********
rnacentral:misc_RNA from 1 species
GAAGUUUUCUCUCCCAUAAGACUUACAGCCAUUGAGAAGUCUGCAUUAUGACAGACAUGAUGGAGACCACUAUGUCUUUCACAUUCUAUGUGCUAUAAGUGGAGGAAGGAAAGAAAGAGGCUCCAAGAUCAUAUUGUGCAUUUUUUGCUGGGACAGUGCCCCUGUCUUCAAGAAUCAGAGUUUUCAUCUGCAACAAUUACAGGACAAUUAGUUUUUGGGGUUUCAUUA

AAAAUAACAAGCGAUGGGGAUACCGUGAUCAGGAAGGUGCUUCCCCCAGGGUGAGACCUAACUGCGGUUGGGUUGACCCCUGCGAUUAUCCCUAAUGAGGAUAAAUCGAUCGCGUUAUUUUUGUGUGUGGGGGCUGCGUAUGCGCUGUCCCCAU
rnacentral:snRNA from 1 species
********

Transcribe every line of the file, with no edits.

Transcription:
rnacentral:misc_RNA from 1 species
GAAGUUUUCUCUCCCAUAAGACUUACAGCCAUUGAGAAGUCUGCAUUAUGACAGACAUGAUGGAGACCACUAUGUCUUUCACAUUCUAUGUGCUAUAAGUGGAGGAAGGAAAGAAAGAGGCUCCAAGAUCAUAUUGUGCAUUUUUUGCUGGGACAGUGCCCCUGUCUUCAAGAAUCAGAGUUUUCAUCUGCAACAAUUACAGGACAAUUAGUUUUUGGGGUUUCAUUA

AAAAUAACAAGCGAUGGGGAUACCGUGAUCAGGAAGGUGCUUCCCCCAGGGUGAGACCUAACUGCGGUUGGGUUGACCCCUGCGAUUAUCCCUAAUGAGGAUAAAUCGAUCGCGUUAUUUUUGUGUGUGGGGGCUGCGUAUGCGCUGUCCCCAU
rnacentral:snRNA from 1 species